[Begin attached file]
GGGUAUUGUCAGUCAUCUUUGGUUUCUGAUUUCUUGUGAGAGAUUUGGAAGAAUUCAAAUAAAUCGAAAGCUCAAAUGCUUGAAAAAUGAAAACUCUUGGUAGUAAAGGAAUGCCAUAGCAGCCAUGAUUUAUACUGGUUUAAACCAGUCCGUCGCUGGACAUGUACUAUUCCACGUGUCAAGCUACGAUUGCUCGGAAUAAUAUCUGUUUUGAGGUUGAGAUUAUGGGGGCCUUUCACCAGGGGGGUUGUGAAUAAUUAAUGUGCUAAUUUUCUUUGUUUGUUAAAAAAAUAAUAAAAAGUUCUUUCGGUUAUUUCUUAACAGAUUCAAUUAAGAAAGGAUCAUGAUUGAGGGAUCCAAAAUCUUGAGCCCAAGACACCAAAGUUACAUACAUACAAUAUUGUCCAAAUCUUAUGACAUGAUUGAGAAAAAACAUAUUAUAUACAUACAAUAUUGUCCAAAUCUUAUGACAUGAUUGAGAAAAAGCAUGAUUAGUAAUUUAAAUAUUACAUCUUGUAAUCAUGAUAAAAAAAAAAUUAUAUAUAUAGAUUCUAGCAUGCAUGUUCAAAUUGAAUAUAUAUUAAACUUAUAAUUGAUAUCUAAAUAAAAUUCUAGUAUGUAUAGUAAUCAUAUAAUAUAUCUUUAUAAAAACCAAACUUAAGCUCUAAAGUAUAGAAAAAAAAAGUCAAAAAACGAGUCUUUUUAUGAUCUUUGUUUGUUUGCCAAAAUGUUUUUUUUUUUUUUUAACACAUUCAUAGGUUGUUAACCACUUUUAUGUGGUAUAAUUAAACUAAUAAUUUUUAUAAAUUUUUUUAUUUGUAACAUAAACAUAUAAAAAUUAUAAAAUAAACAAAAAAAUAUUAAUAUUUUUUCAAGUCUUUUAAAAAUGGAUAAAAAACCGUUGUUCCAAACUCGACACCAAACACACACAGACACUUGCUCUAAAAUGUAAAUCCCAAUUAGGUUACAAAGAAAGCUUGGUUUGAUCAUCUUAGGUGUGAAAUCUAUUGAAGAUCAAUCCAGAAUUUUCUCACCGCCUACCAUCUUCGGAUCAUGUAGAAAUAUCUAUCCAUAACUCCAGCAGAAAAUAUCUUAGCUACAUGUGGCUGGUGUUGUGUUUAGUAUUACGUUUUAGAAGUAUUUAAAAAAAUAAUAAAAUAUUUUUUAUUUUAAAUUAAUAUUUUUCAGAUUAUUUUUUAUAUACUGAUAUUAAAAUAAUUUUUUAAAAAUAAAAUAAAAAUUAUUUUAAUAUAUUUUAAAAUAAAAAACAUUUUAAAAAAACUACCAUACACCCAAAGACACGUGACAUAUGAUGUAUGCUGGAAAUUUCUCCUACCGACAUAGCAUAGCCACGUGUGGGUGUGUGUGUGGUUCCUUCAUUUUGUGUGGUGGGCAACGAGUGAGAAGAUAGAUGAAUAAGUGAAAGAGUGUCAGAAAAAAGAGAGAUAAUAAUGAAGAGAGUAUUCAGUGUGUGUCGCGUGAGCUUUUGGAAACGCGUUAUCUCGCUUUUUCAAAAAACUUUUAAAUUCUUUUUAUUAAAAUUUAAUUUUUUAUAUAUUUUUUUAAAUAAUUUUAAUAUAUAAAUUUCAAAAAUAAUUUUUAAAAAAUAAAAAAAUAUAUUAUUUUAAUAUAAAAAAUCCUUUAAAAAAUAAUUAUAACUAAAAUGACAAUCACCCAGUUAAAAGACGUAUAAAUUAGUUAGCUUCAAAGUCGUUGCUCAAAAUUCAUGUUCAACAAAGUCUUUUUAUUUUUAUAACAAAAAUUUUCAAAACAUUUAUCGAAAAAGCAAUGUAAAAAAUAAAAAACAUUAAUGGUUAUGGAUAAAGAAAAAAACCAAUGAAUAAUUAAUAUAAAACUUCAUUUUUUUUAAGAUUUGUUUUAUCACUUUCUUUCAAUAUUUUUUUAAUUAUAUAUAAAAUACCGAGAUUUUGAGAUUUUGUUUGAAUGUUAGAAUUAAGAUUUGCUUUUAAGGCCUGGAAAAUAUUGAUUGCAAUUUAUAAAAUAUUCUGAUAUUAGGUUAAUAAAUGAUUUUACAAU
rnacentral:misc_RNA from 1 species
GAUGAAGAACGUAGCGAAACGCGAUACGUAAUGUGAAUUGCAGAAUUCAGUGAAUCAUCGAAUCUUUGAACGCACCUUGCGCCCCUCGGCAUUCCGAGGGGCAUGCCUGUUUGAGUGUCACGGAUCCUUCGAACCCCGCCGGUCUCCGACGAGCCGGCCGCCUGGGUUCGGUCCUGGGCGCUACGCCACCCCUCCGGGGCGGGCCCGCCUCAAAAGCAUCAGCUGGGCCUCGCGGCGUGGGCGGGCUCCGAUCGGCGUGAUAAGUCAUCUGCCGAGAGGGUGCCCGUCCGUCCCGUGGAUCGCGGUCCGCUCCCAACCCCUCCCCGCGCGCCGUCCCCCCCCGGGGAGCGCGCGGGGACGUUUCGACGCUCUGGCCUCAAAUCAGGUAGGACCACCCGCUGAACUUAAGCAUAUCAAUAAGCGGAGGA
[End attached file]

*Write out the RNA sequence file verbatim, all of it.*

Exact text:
GGGUAUUGUCAGUCAUCUUUGGUUUCUGAUUUCUUGUGAGAGAUUUGGAAGAAUUCAAAUAAAUCGAAAGCUCAAAUGCUUGAAAAAUGAAAACUCUUGGUAGUAAAGGAAUGCCAUAGCAGCCAUGAUUUAUACUGGUUUAAACCAGUCCGUCGCUGGACAUGUACUAUUCCACGUGUCAAGCUACGAUUGCUCGGAAUAAUAUCUGUUUUGAGGUUGAGAUUAUGGGGGCCUUUCACCAGGGGGGUUGUGAAUAAUUAAUGUGCUAAUUUUCUUUGUUUGUUAAAAAAAUAAUAAAAAGUUCUUUCGGUUAUUUCUUAACAGAUUCAAUUAAGAAAGGAUCAUGAUUGAGGGAUCCAAAAUCUUGAGCCCAAGACACCAAAGUUACAUACAUACAAUAUUGUCCAAAUCUUAUGACAUGAUUGAGAAAAAACAUAUUAUAUACAUACAAUAUUGUCCAAAUCUUAUGACAUGAUUGAGAAAAAGCAUGAUUAGUAAUUUAAAUAUUACAUCUUGUAAUCAUGAUAAAAAAAAAAUUAUAUAUAUAGAUUCUAGCAUGCAUGUUCAAAUUGAAUAUAUAUUAAACUUAUAAUUGAUAUCUAAAUAAAAUUCUAGUAUGUAUAGUAAUCAUAUAAUAUAUCUUUAUAAAAACCAAACUUAAGCUCUAAAGUAUAGAAAAAAAAAGUCAAAAAACGAGUCUUUUUAUGAUCUUUGUUUGUUUGCCAAAAUGUUUUUUUUUUUUUUUAACACAUUCAUAGGUUGUUAACCACUUUUAUGUGGUAUAAUUAAACUAAUAAUUUUUAUAAAUUUUUUUAUUUGUAACAUAAACAUAUAAAAAUUAUAAAAUAAACAAAAAAAUAUUAAUAUUUUUUCAAGUCUUUUAAAAAUGGAUAAAAAACCGUUGUUCCAAACUCGACACCAAACACACACAGACACUUGCUCUAAAAUGUAAAUCCCAAUUAGGUUACAAAGAAAGCUUGGUUUGAUCAUCUUAGGUGUGAAAUCUAUUGAAGAUCAAUCCAGAAUUUUCUCACCGCCUACCAUCUUCGGAUCAUGUAGAAAUAUCUAUCCAUAACUCCAGCAGAAAAUAUCUUAGCUACAUGUGGCUGGUGUUGUGUUUAGUAUUACGUUUUAGAAGUAUUUAAAAAAAUAAUAAAAUAUUUUUUAUUUUAAAUUAAUAUUUUUCAGAUUAUUUUUUAUAUACUGAUAUUAAAAUAAUUUUUUAAAAAUAAAAUAAAAAUUAUUUUAAUAUAUUUUAAAAUAAAAAACAUUUUAAAAAAACUACCAUACACCCAAAGACACGUGACAUAUGAUGUAUGCUGGAAAUUUCUCCUACCGACAUAGCAUAGCCACGUGUGGGUGUGUGUGUGGUUCCUUCAUUUUGUGUGGUGGGCAACGAGUGAGAAGAUAGAUGAAUAAGUGAAAGAGUGUCAGAAAAAAGAGAGAUAAUAAUGAAGAGAGUAUUCAGUGUGUGUCGCGUGAGCUUUUGGAAACGCGUUAUCUCGCUUUUUCAAAAAACUUUUAAAUUCUUUUUAUUAAAAUUUAAUUUUUUAUAUAUUUUUUUAAAUAAUUUUAAUAUAUAAAUUUCAAAAAUAAUUUUUAAAAAAUAAAAAAAUAUAUUAUUUUAAUAUAAAAAAUCCUUUAAAAAAUAAUUAUAACUAAAAUGACAAUCACCCAGUUAAAAGACGUAUAAAUUAGUUAGCUUCAAAGUCGUUGCUCAAAAUUCAUGUUCAACAAAGUCUUUUUAUUUUUAUAACAAAAAUUUUCAAAACAUUUAUCGAAAAAGCAAUGUAAAAAAUAAAAAACAUUAAUGGUUAUGGAUAAAGAAAAAAACCAAUGAAUAAUUAAUAUAAAACUUCAUUUUUUUUAAGAUUUGUUUUAUCACUUUCUUUCAAUAUUUUUUUAAUUAUAUAUAAAAUACCGAGAUUUUGAGAUUUUGUUUGAAUGUUAGAAUUAAGAUUUGCUUUUAAGGCCUGGAAAAUAUUGAUUGCAAUUUAUAAAAUAUUCUGAUAUUAGGUUAAUAAAUGAUUUUACAAU
rnacentral:misc_RNA from 1 species
GAUGAAGAACGUAGCGAAACGCGAUACGUAAUGUGAAUUGCAGAAUUCAGUGAAUCAUCGAAUCUUUGAACGCACCUUGCGCCCCUCGGCAUUCCGAGGGGCAUGCCUGUUUGAGUGUCACGGAUCCUUCGAACCCCGCCGGUCUCCGACGAGCCGGCCGCCUGGGUUCGGUCCUGGGCGCUACGCCACCCCUCCGGGGCGGGCCCGCCUCAAAAGCAUCAGCUGGGCCUCGCGGCGUGGGCGGGCUCCGAUCGGCGUGAUAAGUCAUCUGCCGAGAGGGUGCCCGUCCGUCCCGUGGAUCGCGGUCCGCUCCCAACCCCUCCCCGCGCGCCGUCCCCCCCCGGGGAGCGCGCGGGGACGUUUCGACGCUCUGGCCUCAAAUCAGGUAGGACCACCCGCUGAACUUAAGCAUAUCAAUAAGCGGAGGA